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Can Change in Stress Level and Dietary Habits Significantly Improve the Symptoms of Fibromyalgia in Males? A Case Report

Ference T*, Casella G and Gomez M

Department of Rehabilitation Medicine, University of Miami Miller School of Medicine, USA

*Corresponding Author:
Tamar Ference MD
Department of Physical Medicine and Rehabilitation
University of Miami Miller School of Medicine, Florida, USA
Tel: 305-243-4588
Fax: 305-243-4650
E-mail: [email protected]

Received date: April 06, 2017; Accepted date: May 04, 2017; Published date: May 10, 2017

Citation: Ference T, Casella G and Gomez M (2017) Can Change in Stress Level and Dietary Habits Significantly Improve the Symptoms of Fibromyalgia in Males? A Case Report. Fibrom open Access 2:118.

Copyright: © 2017 Ference T, et al. This is an open-access article distributed under the terms of the Creative Commons Attribution License, which permits unrestricted use, distribution, and reproduction in any medium, provided the original author and source are credited.

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Abstract

We report a male patient with fibromyalgia that significantly improved pain and associated symptoms without medication, physical therapy or psychotherapy. Psychological stress has been implicated in the origin of fibromyalgia and avoidance of stress may be pivotal to its treatment. There are no conclusive studies demonstrating the beneficial effects of diet to treat fibromyalgia, however some reports associated dietary excitotoxins, coenzyme Q10 deficiency, and aspartame ingestion with fibromyalgia and that certain diets such as anti-inflammatory, vegan and leaky-gut diet may ameliorate fibromyalgia symptoms. The pronounced improvement in this patient’s symptoms was obtained by associating stress avoidance and diet changes. The improvement in the pain levels allowed him to engage in a regular exercise program that may have further contributed to the treatment without the need of medication or psychotherapy.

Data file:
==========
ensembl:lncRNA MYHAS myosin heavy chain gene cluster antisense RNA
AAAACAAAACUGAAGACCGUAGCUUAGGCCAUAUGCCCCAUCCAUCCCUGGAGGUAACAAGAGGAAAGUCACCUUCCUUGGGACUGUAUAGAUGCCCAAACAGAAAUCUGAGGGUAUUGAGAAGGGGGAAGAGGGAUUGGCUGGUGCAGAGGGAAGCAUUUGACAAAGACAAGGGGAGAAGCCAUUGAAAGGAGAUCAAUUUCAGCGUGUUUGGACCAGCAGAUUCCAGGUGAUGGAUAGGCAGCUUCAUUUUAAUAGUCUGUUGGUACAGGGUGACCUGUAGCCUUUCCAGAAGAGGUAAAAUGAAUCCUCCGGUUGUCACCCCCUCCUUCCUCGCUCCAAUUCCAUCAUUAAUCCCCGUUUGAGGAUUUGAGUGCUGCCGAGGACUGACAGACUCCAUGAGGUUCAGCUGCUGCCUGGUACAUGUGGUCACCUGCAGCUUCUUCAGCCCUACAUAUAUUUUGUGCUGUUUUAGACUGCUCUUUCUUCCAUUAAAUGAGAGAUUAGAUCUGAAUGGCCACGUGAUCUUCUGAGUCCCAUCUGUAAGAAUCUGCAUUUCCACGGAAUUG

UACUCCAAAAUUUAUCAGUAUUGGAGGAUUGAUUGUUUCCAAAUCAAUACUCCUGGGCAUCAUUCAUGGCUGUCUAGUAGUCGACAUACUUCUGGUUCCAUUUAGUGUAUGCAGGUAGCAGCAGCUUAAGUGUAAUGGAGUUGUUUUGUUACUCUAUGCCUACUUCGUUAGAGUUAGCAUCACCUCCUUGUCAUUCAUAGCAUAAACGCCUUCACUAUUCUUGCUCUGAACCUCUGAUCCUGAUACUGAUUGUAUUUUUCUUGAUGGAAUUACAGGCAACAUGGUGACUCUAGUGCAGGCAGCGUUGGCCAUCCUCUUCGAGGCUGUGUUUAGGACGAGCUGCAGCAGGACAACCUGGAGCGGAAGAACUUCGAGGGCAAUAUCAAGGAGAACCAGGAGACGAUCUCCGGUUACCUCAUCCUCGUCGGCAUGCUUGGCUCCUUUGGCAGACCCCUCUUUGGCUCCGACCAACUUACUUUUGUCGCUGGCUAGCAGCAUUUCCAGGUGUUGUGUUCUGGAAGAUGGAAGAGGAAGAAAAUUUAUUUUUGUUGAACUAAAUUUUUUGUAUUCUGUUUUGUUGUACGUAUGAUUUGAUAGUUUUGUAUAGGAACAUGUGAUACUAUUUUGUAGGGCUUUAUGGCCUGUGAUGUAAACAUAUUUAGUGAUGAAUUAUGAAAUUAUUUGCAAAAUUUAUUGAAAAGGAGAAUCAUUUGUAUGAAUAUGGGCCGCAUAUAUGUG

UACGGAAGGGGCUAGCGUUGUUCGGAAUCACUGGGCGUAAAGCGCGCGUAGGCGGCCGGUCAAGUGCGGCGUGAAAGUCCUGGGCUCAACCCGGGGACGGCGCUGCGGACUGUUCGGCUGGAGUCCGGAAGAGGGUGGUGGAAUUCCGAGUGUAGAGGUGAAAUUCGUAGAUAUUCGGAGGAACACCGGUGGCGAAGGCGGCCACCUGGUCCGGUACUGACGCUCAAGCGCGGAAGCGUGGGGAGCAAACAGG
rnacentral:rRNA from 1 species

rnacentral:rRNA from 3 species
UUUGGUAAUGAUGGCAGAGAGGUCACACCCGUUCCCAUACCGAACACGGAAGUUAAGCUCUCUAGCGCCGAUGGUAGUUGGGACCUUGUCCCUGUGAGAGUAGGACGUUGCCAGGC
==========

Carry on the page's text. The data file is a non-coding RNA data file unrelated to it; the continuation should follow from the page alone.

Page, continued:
Keywords

Fibromyalgia; Stress; Diet

Introduction

Psychological stress has been implicated in the origin of fibromyalgia and avoidance of stress may be pivotal to its treatment [1]. There are no conclusive studies demonstrating the beneficial effects of diets to treat fibromyalgia [2,3], however some reports associated dietary excitotoxins [4], coenzyme Q10 deficiency [5], and aspartame ingestion [4,6] with fibromyalgia and that certain diets such as vegan [7] and leaky-gut diet [8] may ameliorate fibromyalgia symptoms.

We present a case of fibromyalgia in a 44 year old male that significantly improved his symptoms after dramatically changing his stress level and diet composition.

Case description

44 year old male who was a triathlete and a paramedic for 8 years, presented with symptoms of severe generalized pain, fatigue, anxiety, depression, memory impairment and sleep disturbances. Significant functional impairment forced him to dramatically decrease his activity level and be assigned to light duty at work, which decreased his daily stress level. He had physical therapy without improvement. He also started a diet with no dairy products, no gluten, no processed foods, low in carbohydrates and rich in lean proteins. He was occasionally taking tramadol for pain. He received no other treatment for his fibromyalgia [9].